La violencia ha robado el alma del pueblo

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NOGALES, Ariz. — I remember what it was like all the days when I was ten, mi mama dijo, “Mijo vete a comprar unas tortillas.” So I walked out the door to the Morley Street garita, crossed the line and went to the tortillería. Regresé con una docena.

One day, in 1973, mi tia Meli decided to get a job at department store right at the line on the American side. She went to the Morley Street garita and told the U.S. migra man, “I’m just going over to Bracker’s to ask for job.” He said, “OK, go ahead, they have all the papers you’ll need.”

In 1976 we walked from Nogales to Nogales from the movie theater at 12 o’clock at night. We had fun and were free and felt safe.

México had a soul then, back in the day when we were kids. A soul of liberty and safety of protecting families especially the kids, a love of life, full of soul.

México’s soul is being robbed by the American demand for drugs and cheap labor and we’re blaming México. I’m a gringo, un fronterizo, viewing Americans jodiendo con México y me enoja. The drug war is for turf, a drug war fought for the lives of the U.S. meth addicts. The United States is killing the soul of México for drugs. México is letting it happen to itself, suicide; and Americans blame México for the violencia mientras asesinamos el país.

The murders are spreading; the evil violence has robbed the border, todo el país de su preciosa alma.

Yesterday… Estaba sentado en línea para cruzar la frontera cuando el vendedor de periódicos pasó y alcancé a leer el encabezado ,“Conocida dama Nogalense torturada y ejecutada” y debajo del encabezado su nombre… No lo podía creer.

I was sitting in my car at the line when I saw the headline, “Well Known Nogales Lady Tortured and Executed” under the header her name… I could not believe it. The Nogales I knew as a child was tortured and executed in the headline. The dead woman and I lived in the same neighborhood. We played hopscotch together, chasing the ice cream truck with 20 cents for nieve.

Al llegar a mi casa todos comentaban el horrendo suceso. En ese momento me desconecté de la conversación y las múltiples especulaciones al respecto. Yo conocí a la Nogalense torturada y ejecutada cuando éramos niños. Vivíamos en el mismo barrio. Jugábamos a la bebeleche juntas, perseguíamos al carrito de las nieves cuando teníamos 20 centavos para un helado. Escuchábamos juntas el programa de radio “ La mano peluda”, lo cual era para nosotros lo más espeluznante del día.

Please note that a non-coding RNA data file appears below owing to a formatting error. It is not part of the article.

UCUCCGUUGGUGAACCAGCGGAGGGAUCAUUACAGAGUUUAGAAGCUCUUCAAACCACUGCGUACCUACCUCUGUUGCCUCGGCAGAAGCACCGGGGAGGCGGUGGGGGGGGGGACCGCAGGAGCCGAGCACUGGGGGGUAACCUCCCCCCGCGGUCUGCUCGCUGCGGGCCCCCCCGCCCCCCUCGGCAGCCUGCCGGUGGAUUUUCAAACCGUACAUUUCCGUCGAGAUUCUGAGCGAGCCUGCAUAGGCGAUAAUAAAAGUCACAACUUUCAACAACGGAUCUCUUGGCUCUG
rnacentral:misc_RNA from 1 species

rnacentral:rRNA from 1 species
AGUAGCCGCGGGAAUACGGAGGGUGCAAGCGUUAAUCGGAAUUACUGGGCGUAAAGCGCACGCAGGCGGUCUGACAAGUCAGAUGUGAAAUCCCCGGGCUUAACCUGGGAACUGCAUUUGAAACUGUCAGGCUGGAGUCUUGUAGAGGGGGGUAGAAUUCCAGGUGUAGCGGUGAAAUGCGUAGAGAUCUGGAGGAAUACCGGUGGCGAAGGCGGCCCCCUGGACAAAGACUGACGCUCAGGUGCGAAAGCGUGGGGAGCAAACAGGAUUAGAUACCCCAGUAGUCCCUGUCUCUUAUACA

I went back to the time when we could walk the streets free and without fear or immediate danger. What happened? When did everything change? Me transporté a la época esa cuando podíamos correr libres en la calle, sin miedo, sin inminente peligro. No había diferencia de edades ni de clase social. Ni a qué escuela asistíamos. Todos éramos amigos y compañeros de juego , éramos del mismo barrio.

When we were kids, we went to he same schools and played together everyday en el mismo barrio. ¿Qué pasó? ¿En qué momento cambió todo?

When will we appreciate what we lost? How sad our human state of being has become. México is a poor country, without many rules in everyday life, filled with corruption, yet a democracy that is slowly improving.

¿Por qué no apreciamos algo hasta que lo perdemos? Triste condición humana. México es un país pobre, sin muchas reglas, con muchas excepciones, con una democracia todavía mal entendida. La vida fronteriza combines the best of two worlds as well as the worst of both.

Many Mexicans wouldn’t know where their next meal would come from, but they had soul; they had peace in society. Narcotraficantes feeding the U.S.’s demand for an escape from reality with meth and its violence has robbed the peace from the life still, many people still go hungry. We americanos stole the soul of México for meth and we’re getting away with it.

Aquí en la frontera, si así lo quieres, puedes tener acceso a lo mejor de dos mundos, y por supuesto también a lo peor de ambos.

We had peace. Our homes were our sanctuaries; now have even we lost that somehow. Now the best of what little we had was robbed by violence, organized crime by U.S. meth addicts. Today the common citizen suffers from the scourge of the “rule of the drug law,” kidnapping, murder, insecurity. Even your house can be “confused” and then your home may be shot, bombed, destroyed, and you and your family, your children, husband or wife are helpless, vulnerable victims of this new era of violence and it is wrong.

We must get the soul back!

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3 Comments

  1. Well said, George. You captured the essence of the impact of this insanity on people en ambos lados de la frontera. The answers to solve the problems are complex and I fear I will not live to see the ultimate resolution. I pray it does not take too long.

    I miss our trips across the line to our favorite restaurantes and tiendas. Someday, perhaps the madness will get under control and the perpetrators of the violence will cease their destruction. Until the demand for the services they sell on this side of the border is also considerably reduced, the problem will be perpetual.

    Be well, and be safe, mi hermano.

  2. George Thomson

    Thank you Bob. I find my frequent trips into Mexico safe. For the most part those in danger are working for or against the Narcos. The greatest of all crimes in the drug war are the murders of reporters covering the truth about the U.S. War on Drugs in the news. They are my heroes.

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